PITTSBURGH -- Alligator Alley remained in Florida. But the Pirates, who spent Spring Training scoring one comeback win after another, brought Ambush Alley back with them to Western Pennsylvania, beating the Reds, 10-7, in unlikely style to improve to .500 (6-6).
And after Sunday's series-sweeping win at PNC Park, you have to ask yourself: What in the world is developing here?
There is absolutely no way the Bucs were going to win this game. They didn't have any business even being in it, not after nervous rookie Phil Irwin's wildness staked Mat Latos to an early 5-0 lead.
Manager Clint Hurdle had had a premonition that, given the pitching matchup, the Bucs' bats would have to awaken from their early-season slumber; the team averaged .180 with only three homers through the first 11 games.
"The coaching staff was saying in the morning, 'This would be a pretty good day for us to do some batting.' I did not realize they'd wait for the last two innings to do all that offense," Hurdle said.
This was the same Latos who had given up three total runs in 19 1/3 innings against the Pirates last season, and who owned a career record of 4-0 with an ERA of 2.11 against them. And he still owned that 5-0 lead entering the seventh.
"We were pretty much held in check. We haven't sniffed a whole lot off Mat Latos," said Hurdle, recalling his thoughts from the mid-seventh inning.
There would be no middle-of-the-ninth: Within five outs, the Pirates had 10 runs, 19,239 fans dancing in the aisles and cheering for curtain calls after each of Michael McKenry's two home runs and, faithful to the early-'70s throwback uniforms, they'd become a Family, again.
Reds manager Dusty Baker was labeled the outcome as his "roughest one in a long time."
"You can never count us out. We come to play for the very last out, and are relentless," said McKenry, who called his tour around the bases following his second homer -- the two-run, eighth-inning blow off Jonathan Broxton that tied it at six -- "indescribable."
"It's one of those things you can't explain unless you go through it," McKenry said. "The way fans just lose it, call for curtain-calls … it's just unbelievable. It's a blessing to be a part of this -- this Pirates team as well as this city."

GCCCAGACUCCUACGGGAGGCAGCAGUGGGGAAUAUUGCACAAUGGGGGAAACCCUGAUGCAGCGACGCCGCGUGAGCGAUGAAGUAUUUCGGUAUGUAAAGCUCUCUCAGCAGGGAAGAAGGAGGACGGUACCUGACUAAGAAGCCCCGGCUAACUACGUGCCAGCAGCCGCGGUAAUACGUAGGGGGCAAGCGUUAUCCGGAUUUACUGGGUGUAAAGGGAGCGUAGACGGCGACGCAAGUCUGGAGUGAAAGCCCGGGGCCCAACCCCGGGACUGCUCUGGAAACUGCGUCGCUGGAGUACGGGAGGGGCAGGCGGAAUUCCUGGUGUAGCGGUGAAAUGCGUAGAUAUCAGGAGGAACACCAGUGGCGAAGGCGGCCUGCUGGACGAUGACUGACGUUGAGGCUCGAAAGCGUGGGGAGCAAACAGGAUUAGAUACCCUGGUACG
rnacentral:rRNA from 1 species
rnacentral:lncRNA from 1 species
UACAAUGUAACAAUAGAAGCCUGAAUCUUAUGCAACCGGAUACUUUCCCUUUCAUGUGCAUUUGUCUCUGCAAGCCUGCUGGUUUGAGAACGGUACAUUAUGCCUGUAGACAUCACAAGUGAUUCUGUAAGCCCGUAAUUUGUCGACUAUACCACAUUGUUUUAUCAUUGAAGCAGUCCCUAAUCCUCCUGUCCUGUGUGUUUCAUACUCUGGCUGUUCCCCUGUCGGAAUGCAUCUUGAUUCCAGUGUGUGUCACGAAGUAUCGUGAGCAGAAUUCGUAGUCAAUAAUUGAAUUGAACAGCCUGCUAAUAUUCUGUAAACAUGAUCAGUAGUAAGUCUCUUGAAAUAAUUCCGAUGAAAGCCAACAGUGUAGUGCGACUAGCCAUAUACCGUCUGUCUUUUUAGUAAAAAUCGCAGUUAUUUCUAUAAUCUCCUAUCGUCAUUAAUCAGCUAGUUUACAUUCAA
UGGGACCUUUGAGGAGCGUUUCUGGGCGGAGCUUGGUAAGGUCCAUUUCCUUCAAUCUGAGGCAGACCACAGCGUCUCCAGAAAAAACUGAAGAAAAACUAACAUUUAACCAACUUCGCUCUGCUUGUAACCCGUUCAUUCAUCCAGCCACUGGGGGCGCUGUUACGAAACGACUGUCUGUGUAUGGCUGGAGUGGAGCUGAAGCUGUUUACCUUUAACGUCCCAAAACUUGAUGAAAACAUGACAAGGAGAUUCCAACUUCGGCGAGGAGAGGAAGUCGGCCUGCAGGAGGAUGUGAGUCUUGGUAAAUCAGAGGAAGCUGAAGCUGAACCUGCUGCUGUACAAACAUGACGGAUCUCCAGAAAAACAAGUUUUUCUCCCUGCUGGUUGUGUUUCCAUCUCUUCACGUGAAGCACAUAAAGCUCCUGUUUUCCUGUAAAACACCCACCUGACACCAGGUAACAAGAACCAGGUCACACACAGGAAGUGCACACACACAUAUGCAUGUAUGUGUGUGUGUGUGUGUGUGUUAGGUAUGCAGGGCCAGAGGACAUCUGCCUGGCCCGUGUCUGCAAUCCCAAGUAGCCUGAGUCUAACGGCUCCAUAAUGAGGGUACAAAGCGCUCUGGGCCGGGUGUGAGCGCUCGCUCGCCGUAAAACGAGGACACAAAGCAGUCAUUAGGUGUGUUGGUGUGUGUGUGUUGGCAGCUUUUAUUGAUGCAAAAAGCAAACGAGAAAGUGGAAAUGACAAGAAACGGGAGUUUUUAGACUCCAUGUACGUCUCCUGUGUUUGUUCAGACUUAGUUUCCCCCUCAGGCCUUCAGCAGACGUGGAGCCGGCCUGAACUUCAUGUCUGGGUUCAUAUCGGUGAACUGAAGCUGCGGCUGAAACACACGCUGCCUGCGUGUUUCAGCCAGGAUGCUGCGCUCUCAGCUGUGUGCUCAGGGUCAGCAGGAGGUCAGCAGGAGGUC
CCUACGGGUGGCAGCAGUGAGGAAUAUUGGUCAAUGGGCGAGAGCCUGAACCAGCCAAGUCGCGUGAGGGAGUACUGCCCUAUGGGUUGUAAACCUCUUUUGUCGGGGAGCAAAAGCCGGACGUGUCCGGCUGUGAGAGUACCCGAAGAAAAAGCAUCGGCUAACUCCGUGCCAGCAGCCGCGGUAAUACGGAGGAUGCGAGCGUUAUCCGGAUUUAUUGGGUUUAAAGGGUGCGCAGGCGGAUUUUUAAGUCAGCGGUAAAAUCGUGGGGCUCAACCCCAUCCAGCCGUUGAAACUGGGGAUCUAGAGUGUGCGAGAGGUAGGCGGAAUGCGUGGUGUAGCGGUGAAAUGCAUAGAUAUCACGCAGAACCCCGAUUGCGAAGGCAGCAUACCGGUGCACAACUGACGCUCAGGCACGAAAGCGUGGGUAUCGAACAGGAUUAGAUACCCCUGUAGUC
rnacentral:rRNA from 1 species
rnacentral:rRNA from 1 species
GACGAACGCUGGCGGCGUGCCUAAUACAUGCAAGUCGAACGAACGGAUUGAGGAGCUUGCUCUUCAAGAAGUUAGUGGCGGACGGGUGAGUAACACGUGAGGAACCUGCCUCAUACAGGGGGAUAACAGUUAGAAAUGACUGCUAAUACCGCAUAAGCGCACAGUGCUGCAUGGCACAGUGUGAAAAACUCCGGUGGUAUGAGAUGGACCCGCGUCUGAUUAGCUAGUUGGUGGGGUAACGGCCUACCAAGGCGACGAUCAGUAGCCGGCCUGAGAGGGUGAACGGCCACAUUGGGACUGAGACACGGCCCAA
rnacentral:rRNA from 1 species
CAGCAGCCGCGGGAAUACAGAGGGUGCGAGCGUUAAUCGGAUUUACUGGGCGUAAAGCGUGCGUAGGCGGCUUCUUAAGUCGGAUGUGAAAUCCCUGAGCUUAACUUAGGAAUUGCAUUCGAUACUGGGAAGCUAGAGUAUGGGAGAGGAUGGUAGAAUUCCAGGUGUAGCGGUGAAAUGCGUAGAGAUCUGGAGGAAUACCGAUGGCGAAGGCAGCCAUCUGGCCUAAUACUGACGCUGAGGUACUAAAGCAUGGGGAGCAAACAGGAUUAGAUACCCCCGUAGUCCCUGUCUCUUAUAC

The Pirates' lashes were quick, sudden and unexpectedly dramatic from a team that had a total of three home runs in its first 11 games. The Bucs matched that in a blink: McKenry led off the seventh with a homer off Latos, followed it up an inning later with the two-run shot off Broxton, and three batters later, Starling Marte snapped the brief 6-6 deadlock with another two-run blow off Broxton.
Before the eighth ended, Gaby Sanchez's sacrifice fly and Neil Walker's single delivered two more runs to signal a rout -- definitely not in the direction expected just two innings earlier.
"Very gratifying," Hurdle admitted after the Pirates had banked their first sweep of the Reds since April 16-18, 2010. "To be able to add up [runs] and steamroll, to finish the series off … a pretty good feeling."
The Reds had converted four walks by understandably nervous rookie Irwin, who made his Major League debut, into the early lead.
In his 82 previous professional games, Irwin had never walked more than three. Indeed, it's a long way from Germantown, Tenn., Irwin's birthplace, to Deutschtown, Pennsylvania -- a neighborhood blocks from PNC Park.
Brandon Phillips' two-run single in the first and Shin-Soo Choo's two-run double in the second built a 4-0 lead that grew to 5-0 on Phillips' RBI single in the fifth.
"Definitely there were some nerves he dealt with," Hurdle said of the rookie pitcher. "But he finally found his rhythm in the third, and I think he'll look back on this as a very gratifying experience."
Latos went 6 2/3 innings, pitching around six hits until getting hurt by the long ball in the seventh. McKenry's leadoff home run was followed by a two-out RBI double by Travis Snider high off the Clemente Wall.
Snider's double underwent replay review, but second-base umpire Jerry Layne's call stood, even though the ball appeared to bounce off the hands of a fan standing behind the home run line. Andrew McCutchen made it a moot point by greeting reliever Logan Ondrusek with a ringing RBI double into the left-field corner to draw the Pirates within two, 5-3. Sanchez's pinch single off Manny Parra made it 5-4.
Jack Hannahan delivered his own run-scoring pinch single off Jared Hughes in the top of the eighth to regain a two-run lead, and apparent momentum, for the Reds.
Not to worry, because The Fort was still with the Pirates. McKenry's first career multi-homer game bookmarked this contest, which turned into an unforgettable memory for the rookie who had started it.
"Absolutely, that made it great, a lot of fun," Irwin said. "The first two innings, I was fighting through some nerves."
Irwin, the first Pirates rookie to make his big league debut with a start since Jeff Locke on Sept. 10, 2011, wound up going 4 2/3 innings and allowing six hits and five runs (one unearned), with the four walks and as many strikeouts.
On his way from the mound to the dugout, Irwin received a very gracious ovation from the crowd, which earlier had been somewhat uppity -- especially when he was unable to lay down a bunt in the third inning following a leadoff single by John McDonald.
It almost sounded like the fans' way of saying what the Pirates would soon be doing: Thanks for getting us this far. We'll take it from here.
Tom Singer is a reporter for MLB.com and writes an MLBlog Change for a Nickel. He can also be found on Twitter @Tom_Singer. This story was not subject to the approval of Major League Baseball or its clubs.